?

Log in

Hand · Sewn · Garb


For those that believe in the details

Recent Entries · Archive · Friends · Profile

* * *
My Mother and I have been working on this outfit for three weekends. The embroidery has been in process for significantly longer but I'm going to an event this weekend so I needed everything done. It's meant to be second half of the 11th Century, early 12th. It's not documented as I had a very specific idea of what I wanted and I was ok with not having full documentation. Specifically I wanted to have a significant amount of the underdress showing so the length of the overdress is mid calf. The sleeves are tight(ish) and about 3/4 length. We cut them to be wider which would be more period I believe but like this much better. It's meant to be a really practical outfit that can go outside without dragging on the ground or being too hot and enveloping while still looking good and being presentable for court. The idea was probably born out of similar garb I have seen in the SCA, if anyone has documentation for this particular style or aspects of it such as the length of the over-dress I would love to see it. The entire outfit was sewn by hand in running stitch with the hems done in a whip stitch.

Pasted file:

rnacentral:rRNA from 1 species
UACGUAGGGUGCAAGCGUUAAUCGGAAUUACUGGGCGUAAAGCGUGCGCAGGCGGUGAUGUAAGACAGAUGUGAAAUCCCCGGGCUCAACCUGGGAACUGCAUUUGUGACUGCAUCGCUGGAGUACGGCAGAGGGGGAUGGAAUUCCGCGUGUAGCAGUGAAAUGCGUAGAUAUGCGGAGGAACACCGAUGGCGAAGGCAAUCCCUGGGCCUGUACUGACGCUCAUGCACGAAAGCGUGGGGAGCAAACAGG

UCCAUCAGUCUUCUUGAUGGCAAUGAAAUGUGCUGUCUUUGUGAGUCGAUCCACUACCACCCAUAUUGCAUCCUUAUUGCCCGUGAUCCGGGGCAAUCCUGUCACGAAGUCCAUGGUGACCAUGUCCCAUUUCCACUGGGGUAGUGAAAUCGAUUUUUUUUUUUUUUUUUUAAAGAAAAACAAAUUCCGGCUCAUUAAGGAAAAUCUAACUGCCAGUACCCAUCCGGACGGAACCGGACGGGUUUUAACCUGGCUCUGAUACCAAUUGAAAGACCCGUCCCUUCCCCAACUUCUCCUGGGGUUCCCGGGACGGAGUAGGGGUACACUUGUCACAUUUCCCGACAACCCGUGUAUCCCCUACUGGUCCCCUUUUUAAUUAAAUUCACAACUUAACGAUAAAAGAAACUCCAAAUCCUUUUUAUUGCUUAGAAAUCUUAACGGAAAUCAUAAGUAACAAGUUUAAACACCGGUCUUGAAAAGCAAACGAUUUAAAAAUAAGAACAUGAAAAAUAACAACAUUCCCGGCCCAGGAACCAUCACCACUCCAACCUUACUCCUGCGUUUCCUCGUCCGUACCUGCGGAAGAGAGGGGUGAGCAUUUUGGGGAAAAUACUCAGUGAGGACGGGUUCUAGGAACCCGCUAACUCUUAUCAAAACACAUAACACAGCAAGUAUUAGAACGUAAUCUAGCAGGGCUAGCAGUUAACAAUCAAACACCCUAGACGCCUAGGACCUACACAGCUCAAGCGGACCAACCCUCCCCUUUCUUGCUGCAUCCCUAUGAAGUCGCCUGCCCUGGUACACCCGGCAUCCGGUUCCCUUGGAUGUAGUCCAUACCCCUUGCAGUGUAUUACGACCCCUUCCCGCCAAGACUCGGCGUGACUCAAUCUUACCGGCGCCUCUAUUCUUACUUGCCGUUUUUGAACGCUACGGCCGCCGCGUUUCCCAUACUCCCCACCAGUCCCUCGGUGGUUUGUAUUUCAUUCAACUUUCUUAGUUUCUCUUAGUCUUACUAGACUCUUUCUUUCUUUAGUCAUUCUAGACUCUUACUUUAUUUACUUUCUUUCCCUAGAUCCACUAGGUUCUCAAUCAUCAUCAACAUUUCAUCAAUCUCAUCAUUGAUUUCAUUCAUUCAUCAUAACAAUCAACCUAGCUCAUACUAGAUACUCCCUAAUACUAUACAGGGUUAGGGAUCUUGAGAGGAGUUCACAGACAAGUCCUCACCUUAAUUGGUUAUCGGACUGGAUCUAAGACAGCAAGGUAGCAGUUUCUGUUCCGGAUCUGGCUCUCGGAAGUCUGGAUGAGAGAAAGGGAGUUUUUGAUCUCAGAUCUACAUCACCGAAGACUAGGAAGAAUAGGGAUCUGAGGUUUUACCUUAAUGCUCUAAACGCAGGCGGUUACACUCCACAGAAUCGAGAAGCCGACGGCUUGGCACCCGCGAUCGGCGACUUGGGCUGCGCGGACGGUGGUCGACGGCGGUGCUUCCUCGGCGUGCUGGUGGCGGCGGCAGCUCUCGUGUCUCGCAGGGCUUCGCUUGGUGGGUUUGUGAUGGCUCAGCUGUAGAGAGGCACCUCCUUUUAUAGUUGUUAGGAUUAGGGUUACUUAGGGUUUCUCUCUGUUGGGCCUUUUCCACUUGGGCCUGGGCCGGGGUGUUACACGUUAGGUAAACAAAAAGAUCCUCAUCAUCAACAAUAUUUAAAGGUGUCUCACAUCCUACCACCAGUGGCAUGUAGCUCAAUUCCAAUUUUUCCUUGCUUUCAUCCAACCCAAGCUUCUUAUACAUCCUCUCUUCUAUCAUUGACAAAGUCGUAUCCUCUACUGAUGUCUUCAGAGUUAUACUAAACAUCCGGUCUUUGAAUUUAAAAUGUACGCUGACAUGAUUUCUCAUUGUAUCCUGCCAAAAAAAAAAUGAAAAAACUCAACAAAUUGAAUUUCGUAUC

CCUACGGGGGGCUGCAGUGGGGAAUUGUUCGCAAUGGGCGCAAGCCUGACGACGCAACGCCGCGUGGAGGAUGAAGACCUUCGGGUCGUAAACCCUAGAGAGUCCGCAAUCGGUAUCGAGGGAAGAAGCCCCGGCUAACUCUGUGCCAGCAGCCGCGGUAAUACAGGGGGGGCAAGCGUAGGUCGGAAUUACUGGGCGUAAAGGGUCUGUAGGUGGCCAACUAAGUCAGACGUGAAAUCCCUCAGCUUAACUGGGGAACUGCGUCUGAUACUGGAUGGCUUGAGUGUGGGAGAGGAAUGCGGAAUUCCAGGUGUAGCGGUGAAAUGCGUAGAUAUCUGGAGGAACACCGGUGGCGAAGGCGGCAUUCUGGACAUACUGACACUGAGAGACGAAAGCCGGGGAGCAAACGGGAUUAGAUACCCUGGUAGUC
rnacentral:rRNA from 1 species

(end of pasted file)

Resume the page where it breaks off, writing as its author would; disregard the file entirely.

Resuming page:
The full ensemble

Here's a link to the dress diary with commentary.

http://www.flickr.com/photos/evaliz/sets/72157627346230676/with/6038545868/
* * *
I'm told the linky failure was an aftereffect of the troubles lj was having last week. I've been away at various events though, so my apologies for not reposting the link sooner. try this...